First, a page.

P584Smooth muscle cell-cytoskeleton dynamics in lipid-loaded human vascular smooth muscle cells is dependent on ROCK-signaling

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Atherosclerotic plaques with a large lipid-necrotic core and a thin fibrous cap are the most prone to rupture. It is known that vascular smooth muscle cells (VSMC) show impaired vascular repair function due to lipid-induced changes in cytoskeleton proteins involved in cell migration and we have previously suggested that plaque-stabilizing effects of statins relate with an increase in VSMC-migration. However, mechanisms involved are poorly understood. Here, we investigated whether the changes induced by atherogenic LDL in the cytoskeleton organization of human artery derived VSMC are dependent on ROCK signaling.


Human coronary VSMC, treated with/without an HMGCoA-Reductase inhibitor (rosuvastatin) to block protein isoprenylation, were incubated (24 hours) in the presence/absence of 100µg/mL aggregated LDL (agLDL). Cytoskeleton regulatory proteins were analyzed by western blot and activity assays. Protein subcellular localization and actin fiber formation during cell adhesion and migration were assessed by confocal microscopy.


Rosuvastatin significantly increased in a dose-dependent manner (2.5-10uM) myosin regulatory light chain (MRLC) phosphorylation in lipid-loaded VSMC. Western blot analysis demonstrated that agLDL increased > 2fold (p < 0.05) the phosphorylated form of PAK-1 (p21-activated protein kinase), protein that downregulates MRLC-phosphorylation. This effect was not reversed by rosuvastatin, which in turn increased cytosolic ROCK levels (2.5fold, p < 0.05) and MRLC-phosphorylation by a ROCK-mediated pathway in agLDL-VSMC. In addition, rosuvastatin strongly promoted filamentous actin organization in lipid-loaded cells, whereas co-incubation with the ROCK-inhibitor Y-27632 prevented this effect of rosuvastatin. The ROCK-mediated effects were related to a strong increase in the level of RhoA-GTP (active RhoA) in the cytosol of agLDL-VSMC, as demonstrated by a pull-down assay. In contrast, rosuvastatin did not increase active Rac-1 in these cells. Furthermore, confocal analysis showed that rosuvastatin increased > 2.5fold RhoA labeling (p < 0.05) at the front edge of migrating cells.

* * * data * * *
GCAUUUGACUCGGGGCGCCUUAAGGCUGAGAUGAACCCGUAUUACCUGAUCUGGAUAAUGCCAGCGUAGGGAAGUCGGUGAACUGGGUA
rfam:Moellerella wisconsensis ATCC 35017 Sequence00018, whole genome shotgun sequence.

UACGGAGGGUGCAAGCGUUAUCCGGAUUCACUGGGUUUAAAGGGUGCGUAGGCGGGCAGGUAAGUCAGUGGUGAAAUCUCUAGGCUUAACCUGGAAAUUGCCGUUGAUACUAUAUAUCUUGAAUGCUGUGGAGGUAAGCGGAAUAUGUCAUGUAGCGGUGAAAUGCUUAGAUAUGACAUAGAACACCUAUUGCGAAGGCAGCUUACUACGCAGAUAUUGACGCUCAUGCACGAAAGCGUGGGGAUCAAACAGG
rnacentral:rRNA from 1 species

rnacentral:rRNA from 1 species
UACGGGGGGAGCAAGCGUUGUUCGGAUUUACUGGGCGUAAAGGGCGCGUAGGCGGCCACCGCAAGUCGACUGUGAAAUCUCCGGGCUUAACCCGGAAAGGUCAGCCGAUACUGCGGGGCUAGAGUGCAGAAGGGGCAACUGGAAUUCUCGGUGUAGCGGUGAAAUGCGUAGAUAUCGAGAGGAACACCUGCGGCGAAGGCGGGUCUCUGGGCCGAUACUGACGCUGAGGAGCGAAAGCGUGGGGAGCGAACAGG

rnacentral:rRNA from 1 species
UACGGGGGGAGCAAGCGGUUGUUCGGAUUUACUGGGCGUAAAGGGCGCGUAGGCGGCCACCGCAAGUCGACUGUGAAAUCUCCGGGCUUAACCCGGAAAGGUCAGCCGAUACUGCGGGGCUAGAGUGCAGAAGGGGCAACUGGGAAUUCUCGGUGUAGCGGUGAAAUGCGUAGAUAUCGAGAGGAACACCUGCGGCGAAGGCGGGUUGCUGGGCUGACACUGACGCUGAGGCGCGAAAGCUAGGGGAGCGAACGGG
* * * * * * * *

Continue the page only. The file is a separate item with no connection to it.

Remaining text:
Isoprenylation blockade improves MRLC-phosphorylation and actin-cytoskeleton organization in VSMC exposed to atherogenic LDL through a mechanism that mainly depends on the increase of cytosolic RhoA-GTP and its target ROCK. These processes improving VSMC function may contribute, to the effect of statins in plaque-stabilization.

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